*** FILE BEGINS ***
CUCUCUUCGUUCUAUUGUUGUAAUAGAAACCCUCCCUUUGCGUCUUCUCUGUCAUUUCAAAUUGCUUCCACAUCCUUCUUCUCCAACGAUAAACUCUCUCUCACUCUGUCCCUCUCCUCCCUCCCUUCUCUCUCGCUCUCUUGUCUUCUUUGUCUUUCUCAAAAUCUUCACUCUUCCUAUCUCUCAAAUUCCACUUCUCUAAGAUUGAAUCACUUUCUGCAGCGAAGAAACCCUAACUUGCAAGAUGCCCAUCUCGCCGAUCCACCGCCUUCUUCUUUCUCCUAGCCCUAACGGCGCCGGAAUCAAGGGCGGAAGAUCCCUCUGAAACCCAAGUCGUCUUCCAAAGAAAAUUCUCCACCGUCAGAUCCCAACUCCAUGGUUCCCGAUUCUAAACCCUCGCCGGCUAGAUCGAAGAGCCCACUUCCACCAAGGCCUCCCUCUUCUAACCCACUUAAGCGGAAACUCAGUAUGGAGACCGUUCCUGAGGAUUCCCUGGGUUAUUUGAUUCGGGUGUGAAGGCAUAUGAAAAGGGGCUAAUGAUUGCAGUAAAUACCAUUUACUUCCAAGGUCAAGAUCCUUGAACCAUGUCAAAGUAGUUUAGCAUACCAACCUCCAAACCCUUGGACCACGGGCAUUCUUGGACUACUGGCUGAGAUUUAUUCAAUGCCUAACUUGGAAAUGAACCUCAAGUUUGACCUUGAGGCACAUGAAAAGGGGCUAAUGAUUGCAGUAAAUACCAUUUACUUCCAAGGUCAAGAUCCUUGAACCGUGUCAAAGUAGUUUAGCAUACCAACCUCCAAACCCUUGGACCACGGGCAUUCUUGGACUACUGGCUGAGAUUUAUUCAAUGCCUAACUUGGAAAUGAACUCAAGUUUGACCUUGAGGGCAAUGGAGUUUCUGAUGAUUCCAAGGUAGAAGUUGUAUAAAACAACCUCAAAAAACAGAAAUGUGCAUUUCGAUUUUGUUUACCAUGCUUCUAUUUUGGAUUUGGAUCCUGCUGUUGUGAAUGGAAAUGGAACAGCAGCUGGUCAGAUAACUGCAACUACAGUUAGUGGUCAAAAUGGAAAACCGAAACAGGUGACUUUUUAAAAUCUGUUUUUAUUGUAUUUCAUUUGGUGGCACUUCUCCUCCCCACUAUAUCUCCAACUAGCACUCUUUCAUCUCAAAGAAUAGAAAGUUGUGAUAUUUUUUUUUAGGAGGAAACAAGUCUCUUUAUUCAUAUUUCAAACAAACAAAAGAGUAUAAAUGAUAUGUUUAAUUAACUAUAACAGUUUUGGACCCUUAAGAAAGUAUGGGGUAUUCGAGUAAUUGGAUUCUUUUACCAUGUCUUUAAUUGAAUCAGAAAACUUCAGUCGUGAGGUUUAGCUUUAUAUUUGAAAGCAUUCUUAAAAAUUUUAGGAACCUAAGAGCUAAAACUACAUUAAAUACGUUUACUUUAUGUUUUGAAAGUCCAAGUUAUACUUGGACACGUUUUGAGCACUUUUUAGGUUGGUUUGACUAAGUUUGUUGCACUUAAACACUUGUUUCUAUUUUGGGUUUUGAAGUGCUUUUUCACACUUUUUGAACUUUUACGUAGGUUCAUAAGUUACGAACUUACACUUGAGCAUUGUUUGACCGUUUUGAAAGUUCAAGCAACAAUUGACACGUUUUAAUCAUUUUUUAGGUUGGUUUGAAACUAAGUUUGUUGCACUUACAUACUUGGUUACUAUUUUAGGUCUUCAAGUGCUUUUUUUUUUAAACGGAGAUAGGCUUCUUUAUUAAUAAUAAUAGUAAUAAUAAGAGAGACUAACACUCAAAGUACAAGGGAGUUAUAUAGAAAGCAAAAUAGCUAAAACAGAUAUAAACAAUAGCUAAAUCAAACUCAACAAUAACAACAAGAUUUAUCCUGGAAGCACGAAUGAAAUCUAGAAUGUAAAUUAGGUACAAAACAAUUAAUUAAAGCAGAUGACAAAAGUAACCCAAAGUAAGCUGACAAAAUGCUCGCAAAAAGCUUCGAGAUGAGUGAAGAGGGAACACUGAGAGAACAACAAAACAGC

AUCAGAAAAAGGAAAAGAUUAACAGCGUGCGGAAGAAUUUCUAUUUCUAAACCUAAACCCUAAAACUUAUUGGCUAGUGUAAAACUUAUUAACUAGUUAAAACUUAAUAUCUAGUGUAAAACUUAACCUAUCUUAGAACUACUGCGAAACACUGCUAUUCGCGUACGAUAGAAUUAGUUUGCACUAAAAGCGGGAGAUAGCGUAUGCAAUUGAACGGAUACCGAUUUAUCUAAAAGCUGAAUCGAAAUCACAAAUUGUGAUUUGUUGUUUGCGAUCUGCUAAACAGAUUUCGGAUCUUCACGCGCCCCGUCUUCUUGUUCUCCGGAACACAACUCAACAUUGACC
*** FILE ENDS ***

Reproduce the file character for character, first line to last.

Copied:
CUCUCUUCGUUCUAUUGUUGUAAUAGAAACCCUCCCUUUGCGUCUUCUCUGUCAUUUCAAAUUGCUUCCACAUCCUUCUUCUCCAACGAUAAACUCUCUCUCACUCUGUCCCUCUCCUCCCUCCCUUCUCUCUCGCUCUCUUGUCUUCUUUGUCUUUCUCAAAAUCUUCACUCUUCCUAUCUCUCAAAUUCCACUUCUCUAAGAUUGAAUCACUUUCUGCAGCGAAGAAACCCUAACUUGCAAGAUGCCCAUCUCGCCGAUCCACCGCCUUCUUCUUUCUCCUAGCCCUAACGGCGCCGGAAUCAAGGGCGGAAGAUCCCUCUGAAACCCAAGUCGUCUUCCAAAGAAAAUUCUCCACCGUCAGAUCCCAACUCCAUGGUUCCCGAUUCUAAACCCUCGCCGGCUAGAUCGAAGAGCCCACUUCCACCAAGGCCUCCCUCUUCUAACCCACUUAAGCGGAAACUCAGUAUGGAGACCGUUCCUGAGGAUUCCCUGGGUUAUUUGAUUCGGGUGUGAAGGCAUAUGAAAAGGGGCUAAUGAUUGCAGUAAAUACCAUUUACUUCCAAGGUCAAGAUCCUUGAACCAUGUCAAAGUAGUUUAGCAUACCAACCUCCAAACCCUUGGACCACGGGCAUUCUUGGACUACUGGCUGAGAUUUAUUCAAUGCCUAACUUGGAAAUGAACCUCAAGUUUGACCUUGAGGCACAUGAAAAGGGGCUAAUGAUUGCAGUAAAUACCAUUUACUUCCAAGGUCAAGAUCCUUGAACCGUGUCAAAGUAGUUUAGCAUACCAACCUCCAAACCCUUGGACCACGGGCAUUCUUGGACUACUGGCUGAGAUUUAUUCAAUGCCUAACUUGGAAAUGAACUCAAGUUUGACCUUGAGGGCAAUGGAGUUUCUGAUGAUUCCAAGGUAGAAGUUGUAUAAAACAACCUCAAAAAACAGAAAUGUGCAUUUCGAUUUUGUUUACCAUGCUUCUAUUUUGGAUUUGGAUCCUGCUGUUGUGAAUGGAAAUGGAACAGCAGCUGGUCAGAUAACUGCAACUACAGUUAGUGGUCAAAAUGGAAAACCGAAACAGGUGACUUUUUAAAAUCUGUUUUUAUUGUAUUUCAUUUGGUGGCACUUCUCCUCCCCACUAUAUCUCCAACUAGCACUCUUUCAUCUCAAAGAAUAGAAAGUUGUGAUAUUUUUUUUUAGGAGGAAACAAGUCUCUUUAUUCAUAUUUCAAACAAACAAAAGAGUAUAAAUGAUAUGUUUAAUUAACUAUAACAGUUUUGGACCCUUAAGAAAGUAUGGGGUAUUCGAGUAAUUGGAUUCUUUUACCAUGUCUUUAAUUGAAUCAGAAAACUUCAGUCGUGAGGUUUAGCUUUAUAUUUGAAAGCAUUCUUAAAAAUUUUAGGAACCUAAGAGCUAAAACUACAUUAAAUACGUUUACUUUAUGUUUUGAAAGUCCAAGUUAUACUUGGACACGUUUUGAGCACUUUUUAGGUUGGUUUGACUAAGUUUGUUGCACUUAAACACUUGUUUCUAUUUUGGGUUUUGAAGUGCUUUUUCACACUUUUUGAACUUUUACGUAGGUUCAUAAGUUACGAACUUACACUUGAGCAUUGUUUGACCGUUUUGAAAGUUCAAGCAACAAUUGACACGUUUUAAUCAUUUUUUAGGUUGGUUUGAAACUAAGUUUGUUGCACUUACAUACUUGGUUACUAUUUUAGGUCUUCAAGUGCUUUUUUUUUUAAACGGAGAUAGGCUUCUUUAUUAAUAAUAAUAGUAAUAAUAAGAGAGACUAACACUCAAAGUACAAGGGAGUUAUAUAGAAAGCAAAAUAGCUAAAACAGAUAUAAACAAUAGCUAAAUCAAACUCAACAAUAACAACAAGAUUUAUCCUGGAAGCACGAAUGAAAUCUAGAAUGUAAAUUAGGUACAAAACAAUUAAUUAAAGCAGAUGACAAAAGUAACCCAAAGUAAGCUGACAAAAUGCUCGCAAAAAGCUUCGAGAUGAGUGAAGAGGGAACACUGAGAGAACAACAAAACAGC

AUCAGAAAAAGGAAAAGAUUAACAGCGUGCGGAAGAAUUUCUAUUUCUAAACCUAAACCCUAAAACUUAUUGGCUAGUGUAAAACUUAUUAACUAGUUAAAACUUAAUAUCUAGUGUAAAACUUAACCUAUCUUAGAACUACUGCGAAACACUGCUAUUCGCGUACGAUAGAAUUAGUUUGCACUAAAAGCGGGAGAUAGCGUAUGCAAUUGAACGGAUACCGAUUUAUCUAAAAGCUGAAUCGAAAUCACAAAUUGUGAUUUGUUGUUUGCGAUCUGCUAAACAGAUUUCGGAUCUUCACGCGCCCCGUCUUCUUGUUCUCCGGAACACAACUCAACAUUGACC